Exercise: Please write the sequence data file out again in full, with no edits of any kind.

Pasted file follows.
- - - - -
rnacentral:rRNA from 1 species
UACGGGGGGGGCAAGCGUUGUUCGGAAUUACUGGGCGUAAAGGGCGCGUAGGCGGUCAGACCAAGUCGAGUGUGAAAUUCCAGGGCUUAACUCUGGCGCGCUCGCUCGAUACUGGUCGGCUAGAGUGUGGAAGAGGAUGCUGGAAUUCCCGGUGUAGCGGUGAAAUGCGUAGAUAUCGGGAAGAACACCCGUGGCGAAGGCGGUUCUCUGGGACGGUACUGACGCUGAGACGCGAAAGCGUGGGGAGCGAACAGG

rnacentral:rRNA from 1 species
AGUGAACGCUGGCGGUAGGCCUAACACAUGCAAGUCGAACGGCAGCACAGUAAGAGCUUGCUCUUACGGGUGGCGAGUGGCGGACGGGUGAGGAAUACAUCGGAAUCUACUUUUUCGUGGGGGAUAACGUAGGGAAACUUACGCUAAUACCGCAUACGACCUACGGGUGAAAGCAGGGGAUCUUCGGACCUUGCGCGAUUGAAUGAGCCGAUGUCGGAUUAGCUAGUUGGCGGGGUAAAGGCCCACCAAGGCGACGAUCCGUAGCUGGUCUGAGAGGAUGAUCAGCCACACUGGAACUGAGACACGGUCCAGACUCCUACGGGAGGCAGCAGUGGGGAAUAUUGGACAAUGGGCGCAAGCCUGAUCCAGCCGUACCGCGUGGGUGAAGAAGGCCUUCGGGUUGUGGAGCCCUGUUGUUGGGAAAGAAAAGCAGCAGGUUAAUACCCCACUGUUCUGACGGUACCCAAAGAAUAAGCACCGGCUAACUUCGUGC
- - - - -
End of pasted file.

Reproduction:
rnacentral:rRNA from 1 species
UACGGGGGGGGCAAGCGUUGUUCGGAAUUACUGGGCGUAAAGGGCGCGUAGGCGGUCAGACCAAGUCGAGUGUGAAAUUCCAGGGCUUAACUCUGGCGCGCUCGCUCGAUACUGGUCGGCUAGAGUGUGGAAGAGGAUGCUGGAAUUCCCGGUGUAGCGGUGAAAUGCGUAGAUAUCGGGAAGAACACCCGUGGCGAAGGCGGUUCUCUGGGACGGUACUGACGCUGAGACGCGAAAGCGUGGGGAGCGAACAGG

rnacentral:rRNA from 1 species
AGUGAACGCUGGCGGUAGGCCUAACACAUGCAAGUCGAACGGCAGCACAGUAAGAGCUUGCUCUUACGGGUGGCGAGUGGCGGACGGGUGAGGAAUACAUCGGAAUCUACUUUUUCGUGGGGGAUAACGUAGGGAAACUUACGCUAAUACCGCAUACGACCUACGGGUGAAAGCAGGGGAUCUUCGGACCUUGCGCGAUUGAAUGAGCCGAUGUCGGAUUAGCUAGUUGGCGGGGUAAAGGCCCACCAAGGCGACGAUCCGUAGCUGGUCUGAGAGGAUGAUCAGCCACACUGGAACUGAGACACGGUCCAGACUCCUACGGGAGGCAGCAGUGGGGAAUAUUGGACAAUGGGCGCAAGCCUGAUCCAGCCGUACCGCGUGGGUGAAGAAGGCCUUCGGGUUGUGGAGCCCUGUUGUUGGGAAAGAAAAGCAGCAGGUUAAUACCCCACUGUUCUGACGGUACCCAAAGAAUAAGCACCGGCUAACUUCGUGC